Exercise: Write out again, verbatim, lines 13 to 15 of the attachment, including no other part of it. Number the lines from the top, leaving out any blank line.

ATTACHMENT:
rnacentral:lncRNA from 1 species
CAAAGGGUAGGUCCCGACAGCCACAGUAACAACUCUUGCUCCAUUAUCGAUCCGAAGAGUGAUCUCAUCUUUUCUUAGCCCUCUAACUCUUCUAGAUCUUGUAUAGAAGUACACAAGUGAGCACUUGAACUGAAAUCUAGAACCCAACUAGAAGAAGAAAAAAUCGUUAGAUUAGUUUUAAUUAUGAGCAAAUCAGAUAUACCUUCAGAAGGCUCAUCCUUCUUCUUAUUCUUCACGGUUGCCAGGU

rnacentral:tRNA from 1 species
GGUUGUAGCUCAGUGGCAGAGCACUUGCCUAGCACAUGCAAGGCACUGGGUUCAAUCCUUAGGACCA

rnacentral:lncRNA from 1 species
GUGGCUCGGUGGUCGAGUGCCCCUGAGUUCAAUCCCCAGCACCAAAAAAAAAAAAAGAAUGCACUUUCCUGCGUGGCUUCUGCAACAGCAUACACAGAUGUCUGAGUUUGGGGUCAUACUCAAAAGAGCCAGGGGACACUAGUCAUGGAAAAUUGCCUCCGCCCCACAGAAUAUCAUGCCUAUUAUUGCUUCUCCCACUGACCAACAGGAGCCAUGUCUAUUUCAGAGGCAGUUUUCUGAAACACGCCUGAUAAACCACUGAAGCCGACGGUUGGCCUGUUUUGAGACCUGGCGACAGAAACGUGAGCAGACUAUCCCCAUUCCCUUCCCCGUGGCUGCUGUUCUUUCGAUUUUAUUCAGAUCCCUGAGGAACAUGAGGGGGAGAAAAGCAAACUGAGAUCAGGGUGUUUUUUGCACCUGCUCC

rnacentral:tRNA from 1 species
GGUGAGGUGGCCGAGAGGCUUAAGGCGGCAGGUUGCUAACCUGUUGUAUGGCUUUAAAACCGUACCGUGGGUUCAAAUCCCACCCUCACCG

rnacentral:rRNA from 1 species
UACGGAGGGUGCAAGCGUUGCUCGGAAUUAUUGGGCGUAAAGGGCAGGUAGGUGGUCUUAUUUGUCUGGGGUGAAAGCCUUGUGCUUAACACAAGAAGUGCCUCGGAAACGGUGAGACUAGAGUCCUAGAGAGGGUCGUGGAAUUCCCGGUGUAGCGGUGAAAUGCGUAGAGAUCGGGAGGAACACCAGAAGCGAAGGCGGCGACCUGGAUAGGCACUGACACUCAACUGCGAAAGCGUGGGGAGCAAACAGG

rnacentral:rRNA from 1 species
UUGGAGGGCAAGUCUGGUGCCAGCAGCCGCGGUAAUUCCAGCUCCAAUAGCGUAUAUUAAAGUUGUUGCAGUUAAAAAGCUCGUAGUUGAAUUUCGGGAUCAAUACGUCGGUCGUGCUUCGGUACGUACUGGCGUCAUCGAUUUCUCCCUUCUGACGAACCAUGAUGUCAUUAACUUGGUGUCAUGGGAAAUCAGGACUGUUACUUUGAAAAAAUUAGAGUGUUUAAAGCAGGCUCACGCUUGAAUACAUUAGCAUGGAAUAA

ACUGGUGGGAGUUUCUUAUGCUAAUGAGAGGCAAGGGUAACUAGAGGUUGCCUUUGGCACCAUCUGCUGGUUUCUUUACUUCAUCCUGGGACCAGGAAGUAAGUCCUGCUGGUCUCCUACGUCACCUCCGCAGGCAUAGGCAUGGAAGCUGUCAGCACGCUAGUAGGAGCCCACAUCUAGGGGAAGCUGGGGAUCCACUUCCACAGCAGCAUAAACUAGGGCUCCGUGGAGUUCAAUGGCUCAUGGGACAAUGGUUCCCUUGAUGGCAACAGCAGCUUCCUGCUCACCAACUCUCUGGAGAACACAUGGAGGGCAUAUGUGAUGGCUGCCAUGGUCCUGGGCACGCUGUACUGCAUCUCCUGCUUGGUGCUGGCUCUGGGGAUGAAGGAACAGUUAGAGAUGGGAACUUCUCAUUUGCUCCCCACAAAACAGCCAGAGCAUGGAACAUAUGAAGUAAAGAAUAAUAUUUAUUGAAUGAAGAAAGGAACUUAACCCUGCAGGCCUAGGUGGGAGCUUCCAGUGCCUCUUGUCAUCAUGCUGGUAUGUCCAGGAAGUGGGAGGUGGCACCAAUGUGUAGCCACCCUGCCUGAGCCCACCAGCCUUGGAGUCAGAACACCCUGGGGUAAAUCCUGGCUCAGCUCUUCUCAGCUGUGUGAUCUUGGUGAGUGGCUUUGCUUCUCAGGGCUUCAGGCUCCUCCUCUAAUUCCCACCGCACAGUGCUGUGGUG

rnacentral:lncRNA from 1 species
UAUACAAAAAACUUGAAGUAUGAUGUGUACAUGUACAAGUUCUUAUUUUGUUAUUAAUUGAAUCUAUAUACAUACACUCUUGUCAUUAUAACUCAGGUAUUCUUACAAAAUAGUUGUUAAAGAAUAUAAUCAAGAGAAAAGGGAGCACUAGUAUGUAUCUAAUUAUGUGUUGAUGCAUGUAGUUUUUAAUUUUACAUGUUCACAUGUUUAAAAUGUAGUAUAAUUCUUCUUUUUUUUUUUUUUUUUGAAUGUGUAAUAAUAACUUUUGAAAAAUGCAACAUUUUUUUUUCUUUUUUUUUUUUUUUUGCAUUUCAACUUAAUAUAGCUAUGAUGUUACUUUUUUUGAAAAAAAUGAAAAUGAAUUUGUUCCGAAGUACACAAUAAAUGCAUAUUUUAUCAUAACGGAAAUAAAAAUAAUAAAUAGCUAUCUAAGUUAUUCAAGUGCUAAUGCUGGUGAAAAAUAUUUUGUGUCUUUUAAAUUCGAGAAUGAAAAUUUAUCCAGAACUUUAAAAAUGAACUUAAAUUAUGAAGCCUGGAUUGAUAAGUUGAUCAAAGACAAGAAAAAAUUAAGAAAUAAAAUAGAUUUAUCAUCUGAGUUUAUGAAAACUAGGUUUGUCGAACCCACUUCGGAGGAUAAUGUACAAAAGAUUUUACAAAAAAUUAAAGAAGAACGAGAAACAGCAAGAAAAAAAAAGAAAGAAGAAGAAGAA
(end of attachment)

ACUGGUGGGAGUUUCUUAUGCUAAUGAGAGGCAAGGGUAACUAGAGGUUGCCUUUGGCACCAUCUGCUGGUUUCUUUACUUCAUCCUGGGACCAGGAAGUAAGUCCUGCUGGUCUCCUACGUCACCUCCGCAGGCAUAGGCAUGGAAGCUGUCAGCACGCUAGUAGGAGCCCACAUCUAGGGGAAGCUGGGGAUCCACUUCCACAGCAGCAUAAACUAGGGCUCCGUGGAGUUCAAUGGCUCAUGGGACAAUGGUUCCCUUGAUGGCAACAGCAGCUUCCUGCUCACCAACUCUCUGGAGAACACAUGGAGGGCAUAUGUGAUGGCUGCCAUGGUCCUGGGCACGCUGUACUGCAUCUCCUGCUUGGUGCUGGCUCUGGGGAUGAAGGAACAGUUAGAGAUGGGAACUUCUCAUUUGCUCCCCACAAAACAGCCAGAGCAUGGAACAUAUGAAGUAAAGAAUAAUAUUUAUUGAAUGAAGAAAGGAACUUAACCCUGCAGGCCUAGGUGGGAGCUUCCAGUGCCUCUUGUCAUCAUGCUGGUAUGUCCAGGAAGUGGGAGGUGGCACCAAUGUGUAGCCACCCUGCCUGAGCCCACCAGCCUUGGAGUCAGAACACCCUGGGGUAAAUCCUGGCUCAGCUCUUCUCAGCUGUGUGAUCUUGGUGAGUGGCUUUGCUUCUCAGGGCUUCAGGCUCCUCCUCUAAUUCCCACCGCACAGUGCUGUGGUG

rnacentral:lncRNA from 1 species
UAUACAAAAAACUUGAAGUAUGAUGUGUACAUGUACAAGUUCUUAUUUUGUUAUUAAUUGAAUCUAUAUACAUACACUCUUGUCAUUAUAACUCAGGUAUUCUUACAAAAUAGUUGUUAAAGAAUAUAAUCAAGAGAAAAGGGAGCACUAGUAUGUAUCUAAUUAUGUGUUGAUGCAUGUAGUUUUUAAUUUUACAUGUUCACAUGUUUAAAAUGUAGUAUAAUUCUUCUUUUUUUUUUUUUUUUUGAAUGUGUAAUAAUAACUUUUGAAAAAUGCAACAUUUUUUUUUCUUUUUUUUUUUUUUUUGCAUUUCAACUUAAUAUAGCUAUGAUGUUACUUUUUUUGAAAAAAAUGAAAAUGAAUUUGUUCCGAAGUACACAAUAAAUGCAUAUUUUAUCAUAACGGAAAUAAAAAUAAUAAAUAGCUAUCUAAGUUAUUCAAGUGCUAAUGCUGGUGAAAAAUAUUUUGUGUCUUUUAAAUUCGAGAAUGAAAAUUUAUCCAGAACUUUAAAAAUGAACUUAAAUUAUGAAGCCUGGAUUGAUAAGUUGAUCAAAGACAAGAAAAAAUUAAGAAAUAAAAUAGAUUUAUCAUCUGAGUUUAUGAAAACUAGGUUUGUCGAACCCACUUCGGAGGAUAAUGUACAAAAGAUUUUACAAAAAAUUAAAGAAGAACGAGAAACAGCAAGAAAAAAAAAGAAAGAAGAAGAAGAA